It’s funny. You can imagine me tearing up, turning to my wall of photos and pondering on my illustrious career on more than 1,000 photo assignments, but I am at a loss for words. It’s an incredible feeling to be a part of something for so long and then turn around and leave it.

This is the hard part – no one ever reads thank you’s unless you, yes you, are the one to receive the thanks. To all of you that have seen me on my best and worst days – I’m never really angry, it’s a front. It’s a passion for the paper. To the biggest name in the future of journalism: Jake, this is when I’m speechless for real. It’s been a ride. Bumpy? Not really, because I’ve genuinely thought of you as a close confidant and I look forward to many years ahead. From being on the road with you (even though you were in first class the whole way), to arguing for a front page photo, these will be times that I think neither of us will forget. To Joanna – whose kindness never went unnoticed. The thousands of miles we have traveled were one big trip that, while we made every flight (barely), was truly an experience that I think prepped us for the “real” world (if such a thing exists). To my play-by-play boys – even though we never got to take off from Rickenbacher, it has been too much fun on the road. To Ceasar – I’m not quite sure who is going to win our bet. Your never-ending passion for whatever project you take on (or create for yourself) seems to always put you in a position of success. So as to who’s taking who out to a five-star meal 10 years from now, it’s going to be a close call. To Nick – my criticisms of photos after I left the desk were out of never-ending love and support for the department you run and the jealousy I had in seeing your great work. When we’re 50, we’ll talk about how you used to shoot in film. Ryder and Alex – wow. If this was a baseball game, you both have truly stepped up to the plate. I am taking zero credit for what each of you are today, but don’t break the law and you’ll make me proud. To everyone else on staff, thank you, thank you, thank you, for putting up with me. A photo is a photo, nothing more, I know.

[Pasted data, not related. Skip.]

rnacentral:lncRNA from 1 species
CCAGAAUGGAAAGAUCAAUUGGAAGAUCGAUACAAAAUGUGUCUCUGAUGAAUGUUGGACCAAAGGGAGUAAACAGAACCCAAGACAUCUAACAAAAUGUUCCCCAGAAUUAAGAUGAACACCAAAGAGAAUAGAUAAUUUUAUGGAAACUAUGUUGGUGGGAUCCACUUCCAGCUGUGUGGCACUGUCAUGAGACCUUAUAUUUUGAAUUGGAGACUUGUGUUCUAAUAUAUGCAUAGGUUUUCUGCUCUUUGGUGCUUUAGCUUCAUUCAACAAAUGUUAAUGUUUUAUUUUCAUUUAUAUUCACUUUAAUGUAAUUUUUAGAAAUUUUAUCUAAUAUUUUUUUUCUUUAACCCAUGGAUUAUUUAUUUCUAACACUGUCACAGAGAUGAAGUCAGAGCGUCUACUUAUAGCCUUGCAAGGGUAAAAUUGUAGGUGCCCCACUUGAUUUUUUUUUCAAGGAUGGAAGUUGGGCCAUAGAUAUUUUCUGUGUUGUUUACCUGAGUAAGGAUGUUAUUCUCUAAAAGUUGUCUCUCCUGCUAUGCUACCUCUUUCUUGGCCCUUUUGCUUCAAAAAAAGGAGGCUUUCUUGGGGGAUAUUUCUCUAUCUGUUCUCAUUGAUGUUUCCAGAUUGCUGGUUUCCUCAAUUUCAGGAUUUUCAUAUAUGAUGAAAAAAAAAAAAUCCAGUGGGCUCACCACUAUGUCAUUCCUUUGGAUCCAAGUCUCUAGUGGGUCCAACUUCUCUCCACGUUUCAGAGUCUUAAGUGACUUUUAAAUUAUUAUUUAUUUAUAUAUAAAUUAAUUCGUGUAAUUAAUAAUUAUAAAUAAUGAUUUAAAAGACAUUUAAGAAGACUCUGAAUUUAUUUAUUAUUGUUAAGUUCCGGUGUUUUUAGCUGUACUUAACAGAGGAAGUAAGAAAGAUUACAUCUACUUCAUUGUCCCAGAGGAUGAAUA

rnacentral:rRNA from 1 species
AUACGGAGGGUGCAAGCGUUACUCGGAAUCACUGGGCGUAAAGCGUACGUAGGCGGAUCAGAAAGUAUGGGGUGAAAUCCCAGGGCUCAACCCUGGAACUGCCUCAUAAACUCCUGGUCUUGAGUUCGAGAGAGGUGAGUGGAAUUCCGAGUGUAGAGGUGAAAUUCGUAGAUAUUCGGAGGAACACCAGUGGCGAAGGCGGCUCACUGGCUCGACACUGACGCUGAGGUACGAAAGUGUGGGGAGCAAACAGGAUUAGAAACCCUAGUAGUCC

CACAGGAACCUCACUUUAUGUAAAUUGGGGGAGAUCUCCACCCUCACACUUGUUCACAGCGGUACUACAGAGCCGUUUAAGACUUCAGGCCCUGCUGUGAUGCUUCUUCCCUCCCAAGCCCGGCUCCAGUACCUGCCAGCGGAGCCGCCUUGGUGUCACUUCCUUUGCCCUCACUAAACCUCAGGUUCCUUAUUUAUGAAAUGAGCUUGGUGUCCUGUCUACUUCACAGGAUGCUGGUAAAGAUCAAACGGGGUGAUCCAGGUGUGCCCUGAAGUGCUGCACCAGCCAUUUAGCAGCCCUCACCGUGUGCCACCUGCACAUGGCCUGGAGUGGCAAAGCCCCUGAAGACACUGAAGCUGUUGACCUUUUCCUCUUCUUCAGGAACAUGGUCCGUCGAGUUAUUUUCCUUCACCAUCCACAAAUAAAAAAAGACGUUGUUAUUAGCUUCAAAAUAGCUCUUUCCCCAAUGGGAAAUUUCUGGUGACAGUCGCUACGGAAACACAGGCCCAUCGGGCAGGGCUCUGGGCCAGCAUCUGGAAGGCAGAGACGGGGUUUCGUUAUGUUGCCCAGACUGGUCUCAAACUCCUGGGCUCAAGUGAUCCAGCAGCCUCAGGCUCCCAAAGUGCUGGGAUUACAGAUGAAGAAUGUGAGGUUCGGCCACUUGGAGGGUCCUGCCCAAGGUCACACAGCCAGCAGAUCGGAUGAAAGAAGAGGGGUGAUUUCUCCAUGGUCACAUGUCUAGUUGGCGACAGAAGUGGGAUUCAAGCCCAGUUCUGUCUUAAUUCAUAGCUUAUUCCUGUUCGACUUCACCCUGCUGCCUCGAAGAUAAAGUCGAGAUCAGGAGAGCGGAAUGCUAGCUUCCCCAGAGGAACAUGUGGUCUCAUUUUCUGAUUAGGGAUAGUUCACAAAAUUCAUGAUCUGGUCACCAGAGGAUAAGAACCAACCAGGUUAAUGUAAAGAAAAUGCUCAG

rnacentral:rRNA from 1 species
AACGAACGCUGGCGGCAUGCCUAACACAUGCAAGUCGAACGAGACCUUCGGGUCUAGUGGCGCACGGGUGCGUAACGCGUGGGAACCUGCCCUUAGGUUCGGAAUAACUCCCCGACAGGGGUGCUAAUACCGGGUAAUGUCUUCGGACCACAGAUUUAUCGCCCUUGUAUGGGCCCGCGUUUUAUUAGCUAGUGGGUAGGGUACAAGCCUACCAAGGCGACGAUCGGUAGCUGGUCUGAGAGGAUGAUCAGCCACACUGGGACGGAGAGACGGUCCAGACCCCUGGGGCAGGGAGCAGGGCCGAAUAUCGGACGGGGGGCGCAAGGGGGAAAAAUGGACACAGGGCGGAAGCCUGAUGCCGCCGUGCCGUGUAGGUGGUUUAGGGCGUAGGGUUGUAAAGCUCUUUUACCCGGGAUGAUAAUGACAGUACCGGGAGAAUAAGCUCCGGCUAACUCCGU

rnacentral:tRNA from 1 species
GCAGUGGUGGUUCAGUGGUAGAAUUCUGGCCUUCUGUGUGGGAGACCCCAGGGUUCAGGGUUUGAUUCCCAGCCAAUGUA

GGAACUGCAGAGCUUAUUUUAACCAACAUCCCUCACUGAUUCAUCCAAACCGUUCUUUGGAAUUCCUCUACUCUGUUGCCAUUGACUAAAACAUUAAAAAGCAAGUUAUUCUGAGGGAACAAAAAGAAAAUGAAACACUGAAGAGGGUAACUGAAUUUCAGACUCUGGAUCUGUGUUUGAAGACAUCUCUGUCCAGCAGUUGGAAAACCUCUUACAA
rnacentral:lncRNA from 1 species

To the roommates of 504, 905, 701 and 203: the sound of the scanner at night never got me anywhere – I never got to cover Thurston or any other building burning down. Four years hasn’t been enough time to enjoy life with you all.

To all the family friends from Jersey and New York, aunts and uncles from Boston and the Island – you too have been more supportive than I could ever have dreamed.

To my Molly, David, mommy and daddy – I can’t tell you how indebted I am to have each of you support me through this crazy journey. I’m not going to let you down.

And with that, the buzzer has sounded, the clock is up, my word count is telling me it’s time to go. It has been a pleasure and honor – but you’re not done hearing from me.


Ben Solomon was The Hatchet’s senior photo editor, photo editor and senior staff photographer. He started at The Hatchet in Aug. 2004.